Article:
‘Experts' Fail On Dumbo IP Camera ‘Hack'

By: Brian Karas, Published on Aug 24, 2017

Dumbo, revealed by Wikileaks, has become big news.

Unfortunately, 'experts' in the security industry have gotten it wrong, incorrectly contending that Dumbo hacks IP cameras.

In this report, we examine Dumbo, the erroneous claims and the impact that such errors have on cybersecurity.

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************ ****** ******** ******* clear ******** ** ***** direct ********** *****, *** manufacturers ******** ***** ******** focus ******* ******* ***** or ******** ******** ** enhanced ******** ****** ** regarded **** ******* ****** relying ** **** ***********.

Comments (20)

"SDM declared "WikiLeaks: CIA Developed IP Camera Hack" wrongly claiming that Dumbo allows the CIA to "shut off IP cameras or microphones in a building before sending agents in", a claim which is not backed up anywhere. Unfortunately, SDM also fails to cover legitimate cyber security vulnerabilities on IP cameras."

 

Wouldn't it be easier to just cut power to the building, or the entire block?

No, because then they would trip and fall!

They could use Flashlights just like they used at the Watergate hotel

oh hang on... :D

 

 

Look how well that turned out

Wouldn't it be easier to just cut power to the building, or the entire block?

Plus, I do not think the CIA has the authorization to just cut power to a building or area on demand, without some extreme justification.

Remember, the CIA doesn't undertake operations at all within the borders of the United States, so "extreme justification" may not be necessary.

           -=[Insert "Security organisation" here]=-

d'oh

Although I agree this does not directly hack IP cameras, it could effectively render them useless, in certain, possibly rare cases.

Brian is correct in stating that the claim that Dumbo is used to

"shut off IP cameras or microphones in a building before sending agents in"

is false.

Actually, the real purpose of Dumbo is to allow agents to remove video/audio evidence of a physical intrusion after agents have gained access, to cover their tracks.  That's why it's on a thumb drive; agents carry it to all PCs and run it at the machine.

To that end, Dumbo is a tool to help discover and remove the files that webcams might be creating on the local PC by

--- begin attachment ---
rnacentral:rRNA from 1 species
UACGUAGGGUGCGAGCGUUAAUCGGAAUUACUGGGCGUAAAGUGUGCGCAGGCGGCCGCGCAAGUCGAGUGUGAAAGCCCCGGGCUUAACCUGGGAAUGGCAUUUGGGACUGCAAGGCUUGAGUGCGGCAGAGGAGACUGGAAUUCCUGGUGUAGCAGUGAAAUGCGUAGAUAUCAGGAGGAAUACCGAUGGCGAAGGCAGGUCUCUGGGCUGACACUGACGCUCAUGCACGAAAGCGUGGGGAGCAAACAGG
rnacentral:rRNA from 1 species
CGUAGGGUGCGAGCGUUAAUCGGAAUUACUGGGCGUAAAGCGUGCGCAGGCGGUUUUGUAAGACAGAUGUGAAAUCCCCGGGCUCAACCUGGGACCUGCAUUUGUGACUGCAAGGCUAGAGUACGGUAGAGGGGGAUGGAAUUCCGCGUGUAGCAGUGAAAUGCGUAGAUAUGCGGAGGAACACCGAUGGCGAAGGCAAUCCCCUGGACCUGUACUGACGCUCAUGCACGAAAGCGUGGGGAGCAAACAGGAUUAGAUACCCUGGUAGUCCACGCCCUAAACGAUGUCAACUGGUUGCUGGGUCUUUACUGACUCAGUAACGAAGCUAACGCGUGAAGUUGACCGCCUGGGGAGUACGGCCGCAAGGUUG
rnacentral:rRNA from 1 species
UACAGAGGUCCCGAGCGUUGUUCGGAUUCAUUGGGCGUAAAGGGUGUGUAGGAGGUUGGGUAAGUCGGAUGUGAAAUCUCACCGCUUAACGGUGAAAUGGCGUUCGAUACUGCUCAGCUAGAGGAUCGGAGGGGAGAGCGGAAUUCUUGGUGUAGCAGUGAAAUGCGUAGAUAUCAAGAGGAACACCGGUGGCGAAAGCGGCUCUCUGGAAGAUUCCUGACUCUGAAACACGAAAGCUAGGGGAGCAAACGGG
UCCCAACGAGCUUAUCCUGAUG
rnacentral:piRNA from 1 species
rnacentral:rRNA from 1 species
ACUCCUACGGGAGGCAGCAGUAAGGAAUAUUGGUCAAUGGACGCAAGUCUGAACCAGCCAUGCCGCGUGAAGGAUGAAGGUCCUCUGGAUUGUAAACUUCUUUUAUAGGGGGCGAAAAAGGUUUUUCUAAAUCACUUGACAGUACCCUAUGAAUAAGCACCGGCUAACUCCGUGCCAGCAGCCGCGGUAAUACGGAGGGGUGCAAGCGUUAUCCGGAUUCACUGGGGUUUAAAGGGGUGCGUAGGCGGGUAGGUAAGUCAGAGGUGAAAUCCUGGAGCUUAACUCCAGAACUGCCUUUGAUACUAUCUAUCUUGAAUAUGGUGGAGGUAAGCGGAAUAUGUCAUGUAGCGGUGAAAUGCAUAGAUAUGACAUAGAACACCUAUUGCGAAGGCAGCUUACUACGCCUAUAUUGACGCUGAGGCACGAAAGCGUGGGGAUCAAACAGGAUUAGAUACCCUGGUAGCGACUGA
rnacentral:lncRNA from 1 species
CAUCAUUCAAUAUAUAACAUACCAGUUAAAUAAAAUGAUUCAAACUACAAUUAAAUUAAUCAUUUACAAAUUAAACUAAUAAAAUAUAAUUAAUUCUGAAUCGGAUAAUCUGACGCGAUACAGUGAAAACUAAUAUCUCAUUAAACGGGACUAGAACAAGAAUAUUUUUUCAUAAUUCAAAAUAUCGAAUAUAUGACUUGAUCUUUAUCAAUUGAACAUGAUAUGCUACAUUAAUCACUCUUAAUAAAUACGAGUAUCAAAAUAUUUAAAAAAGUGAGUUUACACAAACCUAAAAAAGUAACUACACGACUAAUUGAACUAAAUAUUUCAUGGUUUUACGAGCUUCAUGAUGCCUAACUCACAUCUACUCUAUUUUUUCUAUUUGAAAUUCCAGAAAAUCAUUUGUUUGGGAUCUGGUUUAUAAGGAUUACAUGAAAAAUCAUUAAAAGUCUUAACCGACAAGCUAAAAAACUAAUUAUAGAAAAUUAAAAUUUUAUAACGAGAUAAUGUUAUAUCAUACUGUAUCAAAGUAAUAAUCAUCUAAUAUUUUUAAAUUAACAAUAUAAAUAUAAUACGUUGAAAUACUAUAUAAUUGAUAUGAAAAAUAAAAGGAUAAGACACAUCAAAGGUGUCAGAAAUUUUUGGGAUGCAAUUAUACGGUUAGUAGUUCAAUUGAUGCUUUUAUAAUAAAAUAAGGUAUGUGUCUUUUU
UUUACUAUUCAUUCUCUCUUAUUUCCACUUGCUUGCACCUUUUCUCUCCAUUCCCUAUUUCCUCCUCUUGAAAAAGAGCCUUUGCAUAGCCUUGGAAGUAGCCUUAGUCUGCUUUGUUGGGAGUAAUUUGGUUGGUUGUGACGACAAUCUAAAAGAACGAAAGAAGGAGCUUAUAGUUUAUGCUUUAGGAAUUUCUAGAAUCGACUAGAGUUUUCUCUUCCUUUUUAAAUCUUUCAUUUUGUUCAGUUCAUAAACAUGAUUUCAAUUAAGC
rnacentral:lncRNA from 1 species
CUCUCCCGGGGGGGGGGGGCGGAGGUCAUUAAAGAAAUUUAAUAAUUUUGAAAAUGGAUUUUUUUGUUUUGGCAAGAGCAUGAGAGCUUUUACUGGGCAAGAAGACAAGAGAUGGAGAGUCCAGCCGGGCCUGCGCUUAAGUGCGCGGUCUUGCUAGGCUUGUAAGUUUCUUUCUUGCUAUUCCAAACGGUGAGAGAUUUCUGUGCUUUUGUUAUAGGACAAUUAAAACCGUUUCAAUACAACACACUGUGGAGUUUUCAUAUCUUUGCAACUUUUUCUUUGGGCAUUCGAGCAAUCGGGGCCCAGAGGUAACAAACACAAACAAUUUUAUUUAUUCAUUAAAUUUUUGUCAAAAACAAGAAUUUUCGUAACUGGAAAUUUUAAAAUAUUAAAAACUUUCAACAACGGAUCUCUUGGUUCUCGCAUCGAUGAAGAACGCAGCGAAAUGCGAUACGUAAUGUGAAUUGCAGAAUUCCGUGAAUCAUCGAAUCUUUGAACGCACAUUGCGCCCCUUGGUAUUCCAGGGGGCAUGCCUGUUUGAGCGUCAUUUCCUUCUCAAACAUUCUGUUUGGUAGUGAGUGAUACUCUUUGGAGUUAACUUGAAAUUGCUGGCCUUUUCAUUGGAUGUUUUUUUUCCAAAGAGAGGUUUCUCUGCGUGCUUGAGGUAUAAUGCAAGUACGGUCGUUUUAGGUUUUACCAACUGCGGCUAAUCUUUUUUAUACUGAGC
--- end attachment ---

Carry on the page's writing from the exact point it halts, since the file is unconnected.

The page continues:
1. Identifying the webcams/microphones 
  2. Identifying the processes associated with those devices 
  3. Identifying the data files associated with those processes
  4. Altering/removing those files

iSpy is a program used as an example in the documentation, shown above.

iSpy can record both local webcams and remote IP cams.  If an iSpy process was targeted for video corruption because of a local attached webcam, all files being recorded from any iSpy controlled camera, even remote IP cameras.  IMHO.

Other VMSes that allow webcams to be recorded might be similarly impacted.

That said, I agree with the premise of this article as to the general misunderstanding and miscommunication of the purposes and intent of Dumbo.

 

You are correct on the finer details of Dumbo. I wanted to stay away from too much in-depth explanation of it, as that was not the main point of the report. 

Still, Dumbo targets or "hacks" PCs, not cameras, and certainly not IP cameras (though maybe it would have worked on The First Windows Based IP Camera). Any non-local-to-the-PC cameras it managed to interfere with would have been by pure luck, not design. These are also points that anyone reading through the wikileads stuff should be able to figure out quickly, if they read it.

 

...though maybe it would have worked on The First Windows Based IP Camera). 

You have to be a genius hacker to make something work on Windows Embedded CE ;)

Wikileaks may actually be the originator of the inaccurate claims, as it says this on its Dumbo home page:

It identifies installed devices like webcams and microphones, either locally or connected by wireless (Bluetooth, WiFi) or wired networks.

 

Yes, but it also says:

Dumbo can identify, control and manipulate monitoring and detection systems on a target computer running the Microsoft Windows operating sytem.